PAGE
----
|Barren Island||Iliamna||Myojinsho||St. Helens|
|Bezymianny||Inielika||Negra, Sierra||Sulu Range|
|Callaqui||Kadovar||NW Rota-1||Tair, Jebel at|
|Campi Flegrei Mar Sicilia||Kanaga||Nyiragongo||Talang|
|Chillan, Nevados de||Kavachi||Palena Volcanic Group||Tenerife|
|Concepcion||Kick 'em Jenny||Peuet Sague||Tolbachik|
|Descabezado Grande||Kolokol Group||Rabaul||Ulawun|
|Dieng Volcanic Complex||Korovin||Ranakah||Unknown Source|
|Epi||Kverkfjoll||Rincon de la Vieja||Witori|
|Erta Ale||Lamongan||Ritter Island||Yasur|
|Etorofu-Yakeyama [Grozny Group]||Lanin||Ruang||Zavodovski|
|Fernandina||Lengai, Ol Doinyo||Ruiz, Nevado del||Zubair Group|
|Fournaise, Piton de la||Lewotolo||Salak|
|Fourpeaked||Little Sitkin||San Cristobal|
News Feeds and Google Placemarks
The RSS (Really Simple Syndication) feed is identical to the Weekly Volcanic Activity Report minus some features including the header information (latitude and longitude and summit elevation), the Geologic Summary, and a link to the volcano's page from the Global Volcanism Program. Each volcano report includes a link from the volcano's name back to the more complete information in the Weekly Volcanic Activity Report on the Smithsonian website.
The CAP (Common Alerting Protocol) feeds are XML files specifically formatted for disaster management. They are similar in content to the RSS feed, but contain no active links.
A Google Earth network link for the Weekly Volcanic Activity Report can be loaded into the free Google Earth software, and in turn will load placemarks for volcanoes in the current weekly report. Placemark balloons include the volcano name, report date, report text, sources, and links back to the GVP volcano page for that volcano and to the complete Weekly Report for that week.
Criteria & Disclaimers
The Weekly Volcanic Activity Report does not necessarily include all volcanic activity that occurred on Earth during the week. More than a dozen volcanoes globally have displayed more-or-less continuous eruptive activity for decades or longer, and such routine activity is typically not reported here. Moreover, Earth's sea-floor volcanism is seldom reported even though in theory it represents the single most prolific source of erupted material. The Weekly Volcanic Activity Report summarizes volcanic activity that meets one or more of the following criteria:
- A volcano observatory raises or lowers the alert level at the volcano.
- A volcanic ash advisory has been released by a volcanic ash advisory center (VAAC) stating that an ash cloud has been produced from the volcano.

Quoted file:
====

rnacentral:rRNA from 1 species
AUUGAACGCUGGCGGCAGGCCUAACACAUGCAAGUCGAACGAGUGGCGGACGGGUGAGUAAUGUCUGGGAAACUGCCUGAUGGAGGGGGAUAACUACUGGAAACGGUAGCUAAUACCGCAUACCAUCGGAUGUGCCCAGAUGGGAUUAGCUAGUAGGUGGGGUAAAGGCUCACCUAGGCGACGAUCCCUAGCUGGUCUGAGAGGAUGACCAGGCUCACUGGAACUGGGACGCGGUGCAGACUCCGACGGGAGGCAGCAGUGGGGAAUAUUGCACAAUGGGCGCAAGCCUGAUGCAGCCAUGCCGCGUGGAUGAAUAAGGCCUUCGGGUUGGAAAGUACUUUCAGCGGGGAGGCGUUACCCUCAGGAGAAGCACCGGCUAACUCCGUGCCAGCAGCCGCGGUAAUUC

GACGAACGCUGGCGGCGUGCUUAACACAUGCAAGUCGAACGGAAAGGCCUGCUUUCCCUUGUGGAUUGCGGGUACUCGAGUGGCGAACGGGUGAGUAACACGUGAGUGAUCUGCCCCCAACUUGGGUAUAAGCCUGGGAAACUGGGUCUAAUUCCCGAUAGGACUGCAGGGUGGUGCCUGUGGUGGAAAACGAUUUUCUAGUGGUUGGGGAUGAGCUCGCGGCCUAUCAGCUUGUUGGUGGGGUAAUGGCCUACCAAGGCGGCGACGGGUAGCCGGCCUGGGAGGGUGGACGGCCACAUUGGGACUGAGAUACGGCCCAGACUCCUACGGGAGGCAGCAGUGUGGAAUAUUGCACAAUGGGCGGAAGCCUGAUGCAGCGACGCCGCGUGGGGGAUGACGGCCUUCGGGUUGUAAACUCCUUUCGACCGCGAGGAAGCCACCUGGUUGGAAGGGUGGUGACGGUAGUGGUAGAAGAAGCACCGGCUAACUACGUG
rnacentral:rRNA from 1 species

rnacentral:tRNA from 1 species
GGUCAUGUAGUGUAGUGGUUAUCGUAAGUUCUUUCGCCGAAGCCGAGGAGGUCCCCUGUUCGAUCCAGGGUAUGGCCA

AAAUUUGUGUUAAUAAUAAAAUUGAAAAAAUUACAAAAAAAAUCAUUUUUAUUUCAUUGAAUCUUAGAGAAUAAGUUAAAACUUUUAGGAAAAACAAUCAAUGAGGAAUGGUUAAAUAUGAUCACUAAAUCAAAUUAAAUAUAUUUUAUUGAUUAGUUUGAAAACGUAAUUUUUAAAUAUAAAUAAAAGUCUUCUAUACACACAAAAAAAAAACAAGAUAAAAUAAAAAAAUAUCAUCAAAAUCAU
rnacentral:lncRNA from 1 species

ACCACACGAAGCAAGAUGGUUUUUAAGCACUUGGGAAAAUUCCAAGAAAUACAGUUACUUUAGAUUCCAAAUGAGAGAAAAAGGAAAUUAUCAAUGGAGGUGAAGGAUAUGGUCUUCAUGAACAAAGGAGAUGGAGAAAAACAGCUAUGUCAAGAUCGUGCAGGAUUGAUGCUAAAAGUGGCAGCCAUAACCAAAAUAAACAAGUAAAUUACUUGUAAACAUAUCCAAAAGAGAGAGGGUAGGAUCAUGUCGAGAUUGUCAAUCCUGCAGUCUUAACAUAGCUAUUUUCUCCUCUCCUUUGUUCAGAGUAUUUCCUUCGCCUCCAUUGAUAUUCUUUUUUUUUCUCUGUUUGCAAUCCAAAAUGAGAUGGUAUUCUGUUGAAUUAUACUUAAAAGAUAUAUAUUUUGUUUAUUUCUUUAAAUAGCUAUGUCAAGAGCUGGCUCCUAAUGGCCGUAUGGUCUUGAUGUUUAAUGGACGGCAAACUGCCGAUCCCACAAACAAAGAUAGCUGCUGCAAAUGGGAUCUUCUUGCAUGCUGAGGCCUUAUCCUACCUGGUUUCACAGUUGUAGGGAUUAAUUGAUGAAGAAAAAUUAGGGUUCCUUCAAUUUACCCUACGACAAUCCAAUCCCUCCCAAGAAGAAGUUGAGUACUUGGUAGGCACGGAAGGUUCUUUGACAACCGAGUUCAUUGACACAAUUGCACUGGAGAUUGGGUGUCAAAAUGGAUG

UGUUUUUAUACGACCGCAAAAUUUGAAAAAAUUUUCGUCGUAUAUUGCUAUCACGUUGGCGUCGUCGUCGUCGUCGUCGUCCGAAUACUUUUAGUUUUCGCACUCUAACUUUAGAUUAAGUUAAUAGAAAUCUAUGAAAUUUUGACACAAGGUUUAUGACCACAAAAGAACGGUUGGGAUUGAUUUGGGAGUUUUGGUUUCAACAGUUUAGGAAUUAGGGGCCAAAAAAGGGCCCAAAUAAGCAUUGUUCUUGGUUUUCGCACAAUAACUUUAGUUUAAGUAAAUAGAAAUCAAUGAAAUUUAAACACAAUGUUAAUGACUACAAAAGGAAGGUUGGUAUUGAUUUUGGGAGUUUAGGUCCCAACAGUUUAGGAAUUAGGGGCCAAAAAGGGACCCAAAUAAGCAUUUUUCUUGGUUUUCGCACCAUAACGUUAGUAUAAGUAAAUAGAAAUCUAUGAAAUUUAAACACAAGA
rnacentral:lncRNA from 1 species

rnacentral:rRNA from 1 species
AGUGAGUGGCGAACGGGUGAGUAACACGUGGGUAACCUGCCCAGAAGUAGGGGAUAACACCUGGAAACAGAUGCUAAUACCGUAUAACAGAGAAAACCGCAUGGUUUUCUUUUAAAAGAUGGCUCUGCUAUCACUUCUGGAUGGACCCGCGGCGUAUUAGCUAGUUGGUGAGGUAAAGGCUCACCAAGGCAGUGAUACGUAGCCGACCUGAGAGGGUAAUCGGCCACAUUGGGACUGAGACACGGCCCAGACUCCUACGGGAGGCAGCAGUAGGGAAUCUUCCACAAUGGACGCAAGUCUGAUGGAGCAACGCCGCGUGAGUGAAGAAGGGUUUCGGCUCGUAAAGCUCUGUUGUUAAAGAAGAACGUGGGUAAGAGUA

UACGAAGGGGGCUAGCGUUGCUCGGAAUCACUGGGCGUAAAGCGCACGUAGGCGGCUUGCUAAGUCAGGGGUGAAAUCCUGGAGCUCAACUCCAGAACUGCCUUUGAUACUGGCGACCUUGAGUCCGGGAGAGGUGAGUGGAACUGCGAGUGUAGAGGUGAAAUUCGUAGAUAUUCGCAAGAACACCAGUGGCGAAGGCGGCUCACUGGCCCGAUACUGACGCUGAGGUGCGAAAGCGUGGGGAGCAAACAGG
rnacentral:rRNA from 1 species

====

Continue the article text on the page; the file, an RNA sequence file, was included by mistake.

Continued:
- A verifiable news report of new activity or a change in activity at the volcano has been issued.
- Observers have reported a significant change in volcanic activity. Such activity can include, but is not restricted to, pyroclastic flows, lahars, lava flows, dome collapse, or increased unrest.
Volcanoes are included in the "New Activity/Unrest" section of the Weekly Volcanic Activity Report if the activity occurs after at least 3 months of quiescence. Once a volcano is included in the "New Activity/Unrest" section, updates will remain in that section unless the activity continues for more than 1 month without escalating, after which time updates will be listed in the "Continuing Activity" section. Volcanoes are also included in the "New Activity/Unrest" section if the volcano is undergoing a period of relatively high unrest, or increasing unrest. This is commonly equal to Alert Level Orange on a scale of Green, Yellow, Orange, Red, where Red is the highest alert. Or alert level 3 on a scale of 1-4 or 1-5.
It is important to note that volcanic activity meeting one or more of these criteria may occur during the week, but may not be included in the Weekly Volcanic Activity Report because we did not receive a report.
1. The Weekly Volcanic Activity Report is intended to provide timely information about global volcanism on a weekly basis. Consequently, the report is generated rapidly by summarizing volcanic reports from various sources, with little time for fact checking. The accuracy of the Weekly Volcanic Activity Report is dependent upon the quality of the volcanic activity reports we receive. Reports published in the Bulletin of the Global Volcanism Network are monthly, and more carefully reviewed, although all of the volcanoes discussed in the Weekly Volcanic Activity Report are not necessarily reported in the Bulletin. Because of our emphasis on rapid reporting on the web we have avoided diacritical marks. Reports are updated on the Weekly Volcanic Activity Report web page as they are received, therefore information may be included regarding events that occurred before the current report period.